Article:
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Free Radic Biol Med. 2005 Jan 1;38(1):41-9.

Nitrosyl heme production compared in endotoxemic and hemorrhagic shock.

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Department of Biological Sciences, University of Essex, Colchester, Essex, UK.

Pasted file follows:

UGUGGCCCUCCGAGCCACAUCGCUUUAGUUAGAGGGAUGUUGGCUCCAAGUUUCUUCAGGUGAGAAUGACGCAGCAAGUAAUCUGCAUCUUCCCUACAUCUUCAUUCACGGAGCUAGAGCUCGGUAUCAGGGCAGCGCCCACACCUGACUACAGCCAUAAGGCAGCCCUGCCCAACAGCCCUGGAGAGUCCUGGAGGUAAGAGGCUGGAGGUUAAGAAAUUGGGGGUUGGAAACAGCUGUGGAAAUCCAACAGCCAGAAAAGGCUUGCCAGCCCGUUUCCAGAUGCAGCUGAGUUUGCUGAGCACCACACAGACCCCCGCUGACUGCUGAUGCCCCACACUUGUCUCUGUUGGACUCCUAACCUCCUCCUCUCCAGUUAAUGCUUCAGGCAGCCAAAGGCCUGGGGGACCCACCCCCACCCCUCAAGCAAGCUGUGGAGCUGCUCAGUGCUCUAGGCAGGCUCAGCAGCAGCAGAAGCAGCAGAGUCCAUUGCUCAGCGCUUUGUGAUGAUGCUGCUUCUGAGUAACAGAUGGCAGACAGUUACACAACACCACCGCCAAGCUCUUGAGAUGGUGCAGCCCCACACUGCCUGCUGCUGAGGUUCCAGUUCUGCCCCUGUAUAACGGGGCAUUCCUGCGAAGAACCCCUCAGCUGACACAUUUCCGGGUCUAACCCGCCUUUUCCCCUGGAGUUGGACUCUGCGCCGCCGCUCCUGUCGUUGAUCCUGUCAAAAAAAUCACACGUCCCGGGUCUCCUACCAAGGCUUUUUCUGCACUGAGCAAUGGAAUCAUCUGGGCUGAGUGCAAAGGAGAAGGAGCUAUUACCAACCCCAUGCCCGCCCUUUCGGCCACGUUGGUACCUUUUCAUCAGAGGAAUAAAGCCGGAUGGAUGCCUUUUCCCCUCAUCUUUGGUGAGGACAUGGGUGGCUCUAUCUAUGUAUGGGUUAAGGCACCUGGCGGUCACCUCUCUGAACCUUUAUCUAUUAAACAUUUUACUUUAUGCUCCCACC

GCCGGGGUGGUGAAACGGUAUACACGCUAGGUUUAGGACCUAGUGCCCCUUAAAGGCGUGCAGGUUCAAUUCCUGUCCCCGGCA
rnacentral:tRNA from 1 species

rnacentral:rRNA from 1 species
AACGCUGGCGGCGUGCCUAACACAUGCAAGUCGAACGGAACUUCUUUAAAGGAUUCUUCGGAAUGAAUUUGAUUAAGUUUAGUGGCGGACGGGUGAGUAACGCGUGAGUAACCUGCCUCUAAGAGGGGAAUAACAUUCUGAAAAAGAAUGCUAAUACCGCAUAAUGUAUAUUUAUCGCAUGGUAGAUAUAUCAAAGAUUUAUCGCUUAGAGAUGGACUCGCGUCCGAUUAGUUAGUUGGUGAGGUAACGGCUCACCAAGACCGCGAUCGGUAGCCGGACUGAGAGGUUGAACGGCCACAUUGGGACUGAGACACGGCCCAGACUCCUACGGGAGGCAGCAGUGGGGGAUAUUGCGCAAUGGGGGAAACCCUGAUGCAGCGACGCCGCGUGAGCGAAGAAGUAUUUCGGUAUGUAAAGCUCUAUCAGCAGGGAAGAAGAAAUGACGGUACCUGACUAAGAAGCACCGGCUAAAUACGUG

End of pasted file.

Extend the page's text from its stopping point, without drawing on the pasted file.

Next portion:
We compared nitric oxide production and nitrosyl hemoglobin steady state concentrations during the early phases of endotoxemic and hemorrhagic shock of equivalent severity. Sprague-Dawley rats were randomly assigned to (1) sham-operated control, (2) hemorrhage, and (3) intravenous endotoxin. Electron paramagnetic resonance spectroscopy was used to measure NO in the vasculature (binding to hemoglobin) and in the liver (binding to cytochrome P450). Despite similar changes in cardiorespiratory variables and identical microvascular pO(2), nitrosyl hemoglobin concentrations were significantly higher in endotoxemic rats than in rats in hemorrhagic shock, suggesting increased rates of NO production. A substantial venous minus arterial concentration gradient was observed for nitrosyl hemoglobin. This increased in line with the plasma total nitrite + nitrate concentration. Nitrosyl hemoglobin formation is likely to occur predominantly in the venous pool, suggesting that removal of NO from hemoglobin in the presence of oxygen may be faster than previously thought. In the liver, an increase in intracellular heme-NO complexes was detected in endotoxemic rats compared with rats in hemorrhagic shock; this was associated with increased reduction of the mitochondrial respiratory chain and is suggestive of NO inhibition of mitochondrial respiration.

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